In this week's reviews of great business books: how to improve your accuracy when predicting the future and why competition and cooperation aren't mutually exclusive. Plus: the source for most of what we know about marketing today.
Superforecasting: The Art and Science of Prediction
Philip Tetlock and Dan Gardner
Crown Publishers (2015)
We cannot know the future. But we can often surmise enough about the future to be able to make better decisions, according to Superforecasting. Philip Tetlock, a professor at the University of Pennsylvania (writing with the journalist Dan Gardner) has spent decades researching our facility for prediction. And-good news-we can get better at it, as Tetlock learned during the Good Judgment Project, an experiment conducted in collaboration with members of the intelligence community to enhance the accuracy of geopolitical forecasting. Tetlock and his team identified a cohort of "superforecasters: folks able to predict with remarkable accuracy everything from global events to market fluctuations. And we're not talking the Nate Silvers and Tom Friedmans of the world here. Rather, superforecasters are ordinary joes and janes who are also, among other things, connoisseurs of evidence, analysts of comparable situations, eschewers of cognitive bias, and dividers of unquantifiable wholes into quantifiable parts.
Tetlock is equally good on the mathematical and mental approaches to forecasting. Plus you've got to admire a guy who transforms the name of the physicist Enrico Fermi into a verb. (To "Fermi-ize" is to unpack unknowable problems into smaller, knowable ones.) Superforecasting bracingly refocuses the conversation away from the power of computers (big data!) versus the flaws of human cognition (behavioral economics!) "We will need to blend computer-based forecasting and subjective judgment in the future," write Tetlock and Gardner. "So it's time we got serious about both."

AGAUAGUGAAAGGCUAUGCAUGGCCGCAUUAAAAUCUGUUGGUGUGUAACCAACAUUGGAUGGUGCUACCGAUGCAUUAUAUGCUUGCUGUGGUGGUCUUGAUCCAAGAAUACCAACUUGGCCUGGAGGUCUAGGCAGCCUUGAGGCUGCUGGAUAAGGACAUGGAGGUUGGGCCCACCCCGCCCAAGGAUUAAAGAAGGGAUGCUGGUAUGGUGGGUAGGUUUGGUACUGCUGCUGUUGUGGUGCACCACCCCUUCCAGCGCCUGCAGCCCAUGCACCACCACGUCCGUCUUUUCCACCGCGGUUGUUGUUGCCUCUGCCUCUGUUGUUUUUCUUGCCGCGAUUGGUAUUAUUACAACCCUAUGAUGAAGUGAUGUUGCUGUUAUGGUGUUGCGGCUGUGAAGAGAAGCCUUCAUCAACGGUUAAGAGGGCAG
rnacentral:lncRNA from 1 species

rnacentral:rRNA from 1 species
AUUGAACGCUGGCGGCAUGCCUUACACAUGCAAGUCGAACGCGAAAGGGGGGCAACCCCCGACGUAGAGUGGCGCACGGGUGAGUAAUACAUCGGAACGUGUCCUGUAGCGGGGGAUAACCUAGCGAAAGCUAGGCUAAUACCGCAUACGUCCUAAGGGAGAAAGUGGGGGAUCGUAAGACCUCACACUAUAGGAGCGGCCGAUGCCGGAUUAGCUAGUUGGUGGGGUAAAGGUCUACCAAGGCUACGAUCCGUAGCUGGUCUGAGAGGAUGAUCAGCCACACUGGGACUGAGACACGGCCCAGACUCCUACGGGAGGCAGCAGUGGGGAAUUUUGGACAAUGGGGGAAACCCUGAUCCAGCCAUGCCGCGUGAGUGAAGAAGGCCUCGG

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Friend & Foe: When to Cooperate, When to Compete, and How to Succeed at Both
Adam Galinsky and Maurice Schweitzer
Crown Business (2015)
If Friend and Foe were just about negotiations it would still be pretty good. But Adam Galinsky and Maurice Schweitzer, professors at Columbia Business School and Wharton, respectively, cut a wide swath through subjects like team dynamics, organizational behavior and the creation and restoration of trust. Their central assertion is uncontroversial: "our most important relationships are neither cooperative nor competitive. Instead, they are both." Other contentions--hierarchy can be good; lying can be ethical and even beneficial for cooperation--are less expected. In this well balanced blend of anecdote and empirical research, the authors offer both big ideas and fascinating concrete advice on, for example, whether you want your product to be the first one a customer sees or the last (depends on the number of options) and how to recognize deception. Their discussion of the blinding effect of power is especially fascinating and well worth a read in this election season. In the next debates we should consider asking all candidates to draw the letter "E" on their foreheads. Those who draw it backwards really don't care about people like you.
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From the Backlist
The Marketing Imagination
Free Press (1983)
If there were a Mount Rushmore for marketing, Theodore Levitt would be right up there in Washington's spot. The economist and Harvard Business School professor published the seminal article "Marketing Myopia" in Harvard Business Review in 1960; it later appeared in the second edition of this book. Levitt argues that, "the history of every dead and dying 'growth' industry shows a self-deceiving cycle of bountiful expansion and undetected decay," and companies require a process for creating or increasing demand. He was among the first to insist that companies focus on "buying customers" by being and doing whatever "will make people want to do business with them. And the chief executive," he writes, "has the inescapable responsibility for creating this environment, this viewpoint, this attitude, this aspiration."